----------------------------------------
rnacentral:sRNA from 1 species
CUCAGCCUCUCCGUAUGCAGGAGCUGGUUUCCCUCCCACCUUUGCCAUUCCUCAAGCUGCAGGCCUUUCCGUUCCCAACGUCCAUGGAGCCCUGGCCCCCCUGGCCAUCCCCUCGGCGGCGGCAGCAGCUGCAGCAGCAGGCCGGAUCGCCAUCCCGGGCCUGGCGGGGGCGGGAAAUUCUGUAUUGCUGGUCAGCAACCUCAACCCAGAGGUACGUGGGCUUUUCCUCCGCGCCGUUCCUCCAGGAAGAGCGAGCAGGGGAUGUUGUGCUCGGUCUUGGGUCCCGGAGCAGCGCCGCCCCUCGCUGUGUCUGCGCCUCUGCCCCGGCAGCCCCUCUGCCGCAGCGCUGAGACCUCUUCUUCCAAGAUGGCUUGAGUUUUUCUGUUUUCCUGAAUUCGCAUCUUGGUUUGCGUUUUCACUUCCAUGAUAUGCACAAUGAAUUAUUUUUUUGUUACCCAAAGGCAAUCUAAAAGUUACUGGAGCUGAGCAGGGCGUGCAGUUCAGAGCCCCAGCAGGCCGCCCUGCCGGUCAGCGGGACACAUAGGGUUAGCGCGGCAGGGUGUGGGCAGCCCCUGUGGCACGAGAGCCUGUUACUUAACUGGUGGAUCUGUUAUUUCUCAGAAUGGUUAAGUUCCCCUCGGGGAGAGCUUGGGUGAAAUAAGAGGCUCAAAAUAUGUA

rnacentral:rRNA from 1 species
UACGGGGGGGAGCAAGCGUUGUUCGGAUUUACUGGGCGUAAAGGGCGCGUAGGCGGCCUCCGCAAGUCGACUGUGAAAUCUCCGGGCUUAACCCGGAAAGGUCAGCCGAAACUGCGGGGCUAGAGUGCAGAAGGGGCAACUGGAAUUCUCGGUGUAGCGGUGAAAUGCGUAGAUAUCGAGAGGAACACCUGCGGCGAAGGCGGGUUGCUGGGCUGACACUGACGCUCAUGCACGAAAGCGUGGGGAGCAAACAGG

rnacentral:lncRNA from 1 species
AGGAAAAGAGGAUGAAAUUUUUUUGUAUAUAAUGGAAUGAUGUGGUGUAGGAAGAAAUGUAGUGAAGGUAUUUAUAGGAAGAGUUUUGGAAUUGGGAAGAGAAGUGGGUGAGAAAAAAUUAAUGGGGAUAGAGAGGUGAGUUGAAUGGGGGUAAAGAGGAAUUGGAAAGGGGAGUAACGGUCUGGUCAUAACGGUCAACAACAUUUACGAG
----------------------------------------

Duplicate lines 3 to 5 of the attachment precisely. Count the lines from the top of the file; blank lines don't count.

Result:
rnacentral:rRNA from 1 species
UACGGGGGGGAGCAAGCGUUGUUCGGAUUUACUGGGCGUAAAGGGCGCGUAGGCGGCCUCCGCAAGUCGACUGUGAAAUCUCCGGGCUUAACCCGGAAAGGUCAGCCGAAACUGCGGGGCUAGAGUGCAGAAGGGGCAACUGGAAUUCUCGGUGUAGCGGUGAAAUGCGUAGAUAUCGAGAGGAACACCUGCGGCGAAGGCGGGUUGCUGGGCUGACACUGACGCUCAUGCACGAAAGCGUGGGGAGCAAACAGG

rnacentral:lncRNA from 1 species